To a certain extent, I feel like I’m in therapy or at an AA meeting about to admit one of my biggest weaknesses but here it goes: I like a lot of Keanu Reeves’ movies. It really shouldn’t be that embarrassing because the man’s movies have made millions (maybe billions) over the years. Unfortunately he gets a bad rap because he’s pretty goofy and doesn’t have a lot of range. The interesting thing is that for the most part, this anti-Keanu sentiment comes from people who have never acted before and have paid to see his movies. So is it really that he is THAT bad? Or do people simply have a need to pick apart a mediocre swan because it’s easier than looking in the water to see an ugly duckling reflected back?
While wading through all of the photos, videos, memes, tweets and posts, it is possible that some of us get a little judgmental. It’s easy to forget when looking at a screen that the people on the other side are human. They have hopes, fears, idiosyncrasies, habits and faults. These are all things that we expect from the people that we are close to. However when looking at people on social media or especially people in the spotlight, all understanding goes out the window. The best of the best need to be as close to infallible as possible. If they fall anywhere short of that standard, then we of the judging majority can swoop in to point out their shortcoming.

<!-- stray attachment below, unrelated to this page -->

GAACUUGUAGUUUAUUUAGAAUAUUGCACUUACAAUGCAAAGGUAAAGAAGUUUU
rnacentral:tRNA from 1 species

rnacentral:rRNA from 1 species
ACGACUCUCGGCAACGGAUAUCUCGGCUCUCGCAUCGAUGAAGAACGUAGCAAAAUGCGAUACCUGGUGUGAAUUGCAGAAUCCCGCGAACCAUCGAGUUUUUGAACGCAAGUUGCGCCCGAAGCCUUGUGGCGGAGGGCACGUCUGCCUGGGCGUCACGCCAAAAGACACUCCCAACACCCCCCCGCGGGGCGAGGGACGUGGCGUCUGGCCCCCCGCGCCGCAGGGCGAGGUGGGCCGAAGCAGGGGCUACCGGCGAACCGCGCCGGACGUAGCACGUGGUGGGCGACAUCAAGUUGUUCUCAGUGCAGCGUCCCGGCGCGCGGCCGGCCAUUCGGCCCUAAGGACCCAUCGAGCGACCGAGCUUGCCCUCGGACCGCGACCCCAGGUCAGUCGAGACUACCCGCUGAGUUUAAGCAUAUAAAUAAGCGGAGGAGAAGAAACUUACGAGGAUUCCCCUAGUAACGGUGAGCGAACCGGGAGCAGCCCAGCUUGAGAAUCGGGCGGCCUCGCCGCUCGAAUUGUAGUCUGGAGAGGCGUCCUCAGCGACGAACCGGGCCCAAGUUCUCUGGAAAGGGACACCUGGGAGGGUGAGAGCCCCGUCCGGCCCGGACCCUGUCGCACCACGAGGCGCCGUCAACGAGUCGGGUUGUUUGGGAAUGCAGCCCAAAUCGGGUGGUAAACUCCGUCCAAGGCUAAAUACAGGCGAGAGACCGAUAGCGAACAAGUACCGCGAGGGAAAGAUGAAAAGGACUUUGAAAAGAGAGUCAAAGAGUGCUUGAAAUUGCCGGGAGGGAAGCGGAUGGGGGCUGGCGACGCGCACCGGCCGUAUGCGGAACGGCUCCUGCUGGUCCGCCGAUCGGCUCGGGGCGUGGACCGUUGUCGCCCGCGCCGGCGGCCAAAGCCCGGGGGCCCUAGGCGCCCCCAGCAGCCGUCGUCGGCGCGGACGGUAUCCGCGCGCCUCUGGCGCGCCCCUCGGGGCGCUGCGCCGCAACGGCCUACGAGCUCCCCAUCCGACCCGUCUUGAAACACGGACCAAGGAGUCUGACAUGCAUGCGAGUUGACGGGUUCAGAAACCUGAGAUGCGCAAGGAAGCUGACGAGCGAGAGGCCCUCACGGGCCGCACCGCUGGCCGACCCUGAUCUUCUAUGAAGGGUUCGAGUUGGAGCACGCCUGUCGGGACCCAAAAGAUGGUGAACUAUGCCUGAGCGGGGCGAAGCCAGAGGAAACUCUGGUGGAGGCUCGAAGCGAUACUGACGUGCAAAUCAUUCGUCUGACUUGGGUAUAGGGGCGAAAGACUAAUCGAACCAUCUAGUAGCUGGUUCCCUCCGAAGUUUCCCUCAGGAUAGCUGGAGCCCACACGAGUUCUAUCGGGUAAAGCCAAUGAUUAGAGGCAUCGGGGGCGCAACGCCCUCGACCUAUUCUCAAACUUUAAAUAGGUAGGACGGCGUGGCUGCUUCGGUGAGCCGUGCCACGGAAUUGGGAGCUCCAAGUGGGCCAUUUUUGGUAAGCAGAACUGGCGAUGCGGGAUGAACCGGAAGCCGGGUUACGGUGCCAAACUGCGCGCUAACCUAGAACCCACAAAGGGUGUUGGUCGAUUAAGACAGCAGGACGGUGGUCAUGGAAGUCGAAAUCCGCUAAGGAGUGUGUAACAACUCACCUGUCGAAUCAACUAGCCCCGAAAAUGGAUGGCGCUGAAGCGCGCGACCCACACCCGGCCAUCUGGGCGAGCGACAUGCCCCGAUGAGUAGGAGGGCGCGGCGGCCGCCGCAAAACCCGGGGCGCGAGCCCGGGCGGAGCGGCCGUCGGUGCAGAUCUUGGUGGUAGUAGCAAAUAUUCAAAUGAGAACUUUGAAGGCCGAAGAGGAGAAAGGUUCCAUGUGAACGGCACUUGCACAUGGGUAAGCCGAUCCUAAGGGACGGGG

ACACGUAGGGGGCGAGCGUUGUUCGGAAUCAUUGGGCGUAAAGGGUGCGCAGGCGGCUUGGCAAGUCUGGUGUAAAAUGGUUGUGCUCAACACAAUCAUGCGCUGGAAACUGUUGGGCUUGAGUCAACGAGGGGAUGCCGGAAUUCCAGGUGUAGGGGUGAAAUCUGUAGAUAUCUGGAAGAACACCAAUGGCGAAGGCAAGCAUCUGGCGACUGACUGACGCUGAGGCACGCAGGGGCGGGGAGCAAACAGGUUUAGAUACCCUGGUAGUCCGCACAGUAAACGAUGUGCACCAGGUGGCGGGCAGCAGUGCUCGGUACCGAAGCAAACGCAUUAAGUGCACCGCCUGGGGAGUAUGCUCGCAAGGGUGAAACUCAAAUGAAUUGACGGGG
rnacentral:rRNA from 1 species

But it is not the critic who counts*. The internet has given each of us a voice. That voice should be used to make your own special contribution to the world. Not to tear down that of another. The credit belongs to the man who is actually in the arena*. So take that chance to put your own stamp on the world. Don’t worry about the haters because even Keanu has got them. Would you rather be the worst of the best or the best of the worst? Put another way. Would you rather have produced something that wasn’t great? Or never produced anything but gotten really good at calling out other people’s failures? One’s easy and one’s hard but the decision should be obvious.
*Lines from Teddy Roosevelt’s speech at the Sorbonne.